Shepherding the shepherd

On Monday, I was browsing through my Kindle app for books to read. In my "Recommendations for You in Kindle Store" section, a brief book but a scary looking book called "Why Pastors Quit: Examining Why Pastors Quit and What We Can Do About It" popped up. Reading the title alone made my heart beat a little faster. It kind of scared me.

Well, it wasn't as scary as I thought it was going to be. The title was somewhat misleading as the book seemed to be more geared toward pastors who have already stepped out of the pastorate or wanting to reengage, but what I did find eerie were the statistics. Here are some of Lane's stats:

  • 80% believe that pastoral ministry has negatively affected their families,
  • 70% of pastors continually battle depression,
  • 85% of pastors consider leaving the ministry,
  • 63% feel lonely,
  • and 81% feel unable to meet the demands of the job.

The book validated many of the feelings and experiences I've had since I went into full-time vocational ministry. I was comforted to know I'm not alone. I do really wish there was more substance to the book or practical suggestions for pastors to finish the race, for pastoral families to thrive, and for congregations to come alongside their shepherds.

The reality is that ministry is difficult. A pastor, assistant, associate pastor, or worship pastor never really "clocks out." A pastor is a pastor all of the time. The responsibility is enormous as, to quote Martyn Lloyd-Jones, the pastor "is given charge of souls." Chris Brauns wrote in his blog post "Motivation for caring for your pastor":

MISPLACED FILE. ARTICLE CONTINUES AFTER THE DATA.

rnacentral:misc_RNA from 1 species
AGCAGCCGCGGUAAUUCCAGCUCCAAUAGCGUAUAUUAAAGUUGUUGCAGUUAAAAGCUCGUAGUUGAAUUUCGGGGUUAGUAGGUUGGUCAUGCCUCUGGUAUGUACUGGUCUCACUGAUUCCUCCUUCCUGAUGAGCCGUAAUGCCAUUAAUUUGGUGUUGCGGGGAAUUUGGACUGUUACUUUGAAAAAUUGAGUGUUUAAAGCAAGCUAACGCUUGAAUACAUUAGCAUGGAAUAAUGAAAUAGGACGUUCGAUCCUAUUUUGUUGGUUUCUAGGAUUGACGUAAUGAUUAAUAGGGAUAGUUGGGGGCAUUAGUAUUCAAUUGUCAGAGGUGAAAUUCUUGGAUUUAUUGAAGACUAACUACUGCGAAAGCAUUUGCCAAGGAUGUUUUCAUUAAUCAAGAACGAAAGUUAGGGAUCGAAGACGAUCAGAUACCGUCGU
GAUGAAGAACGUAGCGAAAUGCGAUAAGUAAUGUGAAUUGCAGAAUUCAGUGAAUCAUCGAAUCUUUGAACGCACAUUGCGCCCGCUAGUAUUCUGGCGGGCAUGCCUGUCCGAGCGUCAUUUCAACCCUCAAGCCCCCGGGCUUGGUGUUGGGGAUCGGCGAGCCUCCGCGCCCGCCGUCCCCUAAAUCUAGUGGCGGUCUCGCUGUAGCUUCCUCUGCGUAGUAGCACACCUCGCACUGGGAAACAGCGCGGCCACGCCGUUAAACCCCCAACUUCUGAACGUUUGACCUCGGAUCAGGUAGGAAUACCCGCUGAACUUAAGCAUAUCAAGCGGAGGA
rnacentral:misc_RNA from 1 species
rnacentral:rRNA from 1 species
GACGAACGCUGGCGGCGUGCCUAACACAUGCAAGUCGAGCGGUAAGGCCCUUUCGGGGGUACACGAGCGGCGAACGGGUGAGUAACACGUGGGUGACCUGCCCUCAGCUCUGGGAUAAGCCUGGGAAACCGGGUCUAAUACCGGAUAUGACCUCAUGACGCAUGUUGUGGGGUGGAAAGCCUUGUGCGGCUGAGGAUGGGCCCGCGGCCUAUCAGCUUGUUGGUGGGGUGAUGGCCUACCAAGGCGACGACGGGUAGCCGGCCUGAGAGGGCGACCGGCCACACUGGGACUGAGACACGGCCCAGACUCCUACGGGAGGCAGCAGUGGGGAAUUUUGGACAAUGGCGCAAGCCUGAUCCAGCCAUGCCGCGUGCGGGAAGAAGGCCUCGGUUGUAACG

"…think of your pastor as a beast of burden or an engine that serves you – – that grinds grain for your bread. Supporting your pastor is really about taking care of yourself."

Beast of burden? Hmmm… I never equated as a beast, but I guess it is both biblical and fitting. 

Yet, in my opinion, pastors have one of the most joyful, rewarding, and refining work. As the pastor of Missio Dei Church, I love the congregation that God has entrusted to me. I think about them all the time! I pray with and for them. I think about them as I write my sermons. I get to see the "ah ha" lights go on when they grasp something of the majesty of God. I get to creatively plan ministries, events, sermon series, etc. with other gifted individuals for the good of the congregation. I am privileged to walk with men and women, boys and girls who down the lifelong road of obedience in the same direction towards Christ (thank you Eugene Peterson). So, inspite of the hazaards of minstry, I am deeply thankful for the work that God has called me to be a part of at Missio Dei Church. At this point in my life, I wouldn't trade it for anything else!

But I have a heart for my pastor friends out there, some I know well and there are some that I only know through Facebook. I pray for them regularly. I hear about their peaks and valleys. I walk with the through wilderness seasons. I see the twinkle in their eye and I see their battle wounds. I love my brothers deeply. So, with Pastor Appreciation Month kicking off October 1, can I encourage you to do something with me? Pave the way for excellence and health in your pastor by shepherding your shepherd. Yep. You can do that. Encourage, love, and support the pastor(s) who are currently caring for you as they seek to faithfully fulfill all the duties of their ministries. Do it in wild and creative ways. It will be a blessing to them, their families, the church... and yes, you.

With Christ's love,

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